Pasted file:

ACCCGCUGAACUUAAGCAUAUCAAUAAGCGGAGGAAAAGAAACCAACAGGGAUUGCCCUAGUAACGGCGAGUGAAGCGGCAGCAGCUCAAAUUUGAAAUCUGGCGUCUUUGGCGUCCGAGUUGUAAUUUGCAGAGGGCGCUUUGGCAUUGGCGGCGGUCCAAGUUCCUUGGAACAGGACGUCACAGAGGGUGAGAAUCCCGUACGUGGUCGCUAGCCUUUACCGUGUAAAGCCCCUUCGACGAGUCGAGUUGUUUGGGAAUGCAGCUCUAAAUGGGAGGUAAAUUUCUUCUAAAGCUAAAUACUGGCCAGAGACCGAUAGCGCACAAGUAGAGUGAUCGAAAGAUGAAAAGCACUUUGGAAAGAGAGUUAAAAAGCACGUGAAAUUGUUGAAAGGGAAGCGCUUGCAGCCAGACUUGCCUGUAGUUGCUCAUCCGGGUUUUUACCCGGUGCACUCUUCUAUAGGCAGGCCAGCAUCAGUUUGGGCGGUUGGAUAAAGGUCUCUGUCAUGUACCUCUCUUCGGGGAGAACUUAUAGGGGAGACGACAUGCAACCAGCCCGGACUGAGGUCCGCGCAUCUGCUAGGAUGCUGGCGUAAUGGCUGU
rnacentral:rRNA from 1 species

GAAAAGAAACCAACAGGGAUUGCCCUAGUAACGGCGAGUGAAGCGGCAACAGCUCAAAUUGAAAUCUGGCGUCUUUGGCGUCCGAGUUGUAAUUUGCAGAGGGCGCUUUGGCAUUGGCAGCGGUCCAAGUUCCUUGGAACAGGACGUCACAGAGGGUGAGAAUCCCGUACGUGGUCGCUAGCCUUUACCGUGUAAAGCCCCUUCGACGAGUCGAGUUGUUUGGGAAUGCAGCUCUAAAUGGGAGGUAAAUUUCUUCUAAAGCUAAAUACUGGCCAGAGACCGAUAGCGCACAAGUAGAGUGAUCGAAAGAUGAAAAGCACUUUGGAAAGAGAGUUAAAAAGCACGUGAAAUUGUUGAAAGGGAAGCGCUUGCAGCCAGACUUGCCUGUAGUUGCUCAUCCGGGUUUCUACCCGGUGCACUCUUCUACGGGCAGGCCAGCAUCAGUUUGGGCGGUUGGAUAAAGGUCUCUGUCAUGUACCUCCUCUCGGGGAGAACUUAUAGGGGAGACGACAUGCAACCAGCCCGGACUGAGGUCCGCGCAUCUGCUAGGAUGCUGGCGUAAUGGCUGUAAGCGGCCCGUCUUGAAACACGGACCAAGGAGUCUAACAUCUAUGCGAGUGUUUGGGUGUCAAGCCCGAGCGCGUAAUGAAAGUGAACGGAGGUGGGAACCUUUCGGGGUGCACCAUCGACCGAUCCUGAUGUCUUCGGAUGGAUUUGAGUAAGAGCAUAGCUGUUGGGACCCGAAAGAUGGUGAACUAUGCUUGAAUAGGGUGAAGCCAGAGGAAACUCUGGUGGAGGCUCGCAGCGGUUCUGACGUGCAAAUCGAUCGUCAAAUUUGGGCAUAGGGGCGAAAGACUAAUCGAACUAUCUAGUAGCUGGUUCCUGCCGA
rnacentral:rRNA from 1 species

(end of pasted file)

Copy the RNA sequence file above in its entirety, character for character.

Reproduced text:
ACCCGCUGAACUUAAGCAUAUCAAUAAGCGGAGGAAAAGAAACCAACAGGGAUUGCCCUAGUAACGGCGAGUGAAGCGGCAGCAGCUCAAAUUUGAAAUCUGGCGUCUUUGGCGUCCGAGUUGUAAUUUGCAGAGGGCGCUUUGGCAUUGGCGGCGGUCCAAGUUCCUUGGAACAGGACGUCACAGAGGGUGAGAAUCCCGUACGUGGUCGCUAGCCUUUACCGUGUAAAGCCCCUUCGACGAGUCGAGUUGUUUGGGAAUGCAGCUCUAAAUGGGAGGUAAAUUUCUUCUAAAGCUAAAUACUGGCCAGAGACCGAUAGCGCACAAGUAGAGUGAUCGAAAGAUGAAAAGCACUUUGGAAAGAGAGUUAAAAAGCACGUGAAAUUGUUGAAAGGGAAGCGCUUGCAGCCAGACUUGCCUGUAGUUGCUCAUCCGGGUUUUUACCCGGUGCACUCUUCUAUAGGCAGGCCAGCAUCAGUUUGGGCGGUUGGAUAAAGGUCUCUGUCAUGUACCUCUCUUCGGGGAGAACUUAUAGGGGAGACGACAUGCAACCAGCCCGGACUGAGGUCCGCGCAUCUGCUAGGAUGCUGGCGUAAUGGCUGU
rnacentral:rRNA from 1 species

GAAAAGAAACCAACAGGGAUUGCCCUAGUAACGGCGAGUGAAGCGGCAACAGCUCAAAUUGAAAUCUGGCGUCUUUGGCGUCCGAGUUGUAAUUUGCAGAGGGCGCUUUGGCAUUGGCAGCGGUCCAAGUUCCUUGGAACAGGACGUCACAGAGGGUGAGAAUCCCGUACGUGGUCGCUAGCCUUUACCGUGUAAAGCCCCUUCGACGAGUCGAGUUGUUUGGGAAUGCAGCUCUAAAUGGGAGGUAAAUUUCUUCUAAAGCUAAAUACUGGCCAGAGACCGAUAGCGCACAAGUAGAGUGAUCGAAAGAUGAAAAGCACUUUGGAAAGAGAGUUAAAAAGCACGUGAAAUUGUUGAAAGGGAAGCGCUUGCAGCCAGACUUGCCUGUAGUUGCUCAUCCGGGUUUCUACCCGGUGCACUCUUCUACGGGCAGGCCAGCAUCAGUUUGGGCGGUUGGAUAAAGGUCUCUGUCAUGUACCUCCUCUCGGGGAGAACUUAUAGGGGAGACGACAUGCAACCAGCCCGGACUGAGGUCCGCGCAUCUGCUAGGAUGCUGGCGUAAUGGCUGUAAGCGGCCCGUCUUGAAACACGGACCAAGGAGUCUAACAUCUAUGCGAGUGUUUGGGUGUCAAGCCCGAGCGCGUAAUGAAAGUGAACGGAGGUGGGAACCUUUCGGGGUGCACCAUCGACCGAUCCUGAUGUCUUCGGAUGGAUUUGAGUAAGAGCAUAGCUGUUGGGACCCGAAAGAUGGUGAACUAUGCUUGAAUAGGGUGAAGCCAGAGGAAACUCUGGUGGAGGCUCGCAGCGGUUCUGACGUGCAAAUCGAUCGUCAAAUUUGGGCAUAGGGGCGAAAGACUAAUCGAACUAUCUAGUAGCUGGUUCCUGCCGA
rnacentral:rRNA from 1 species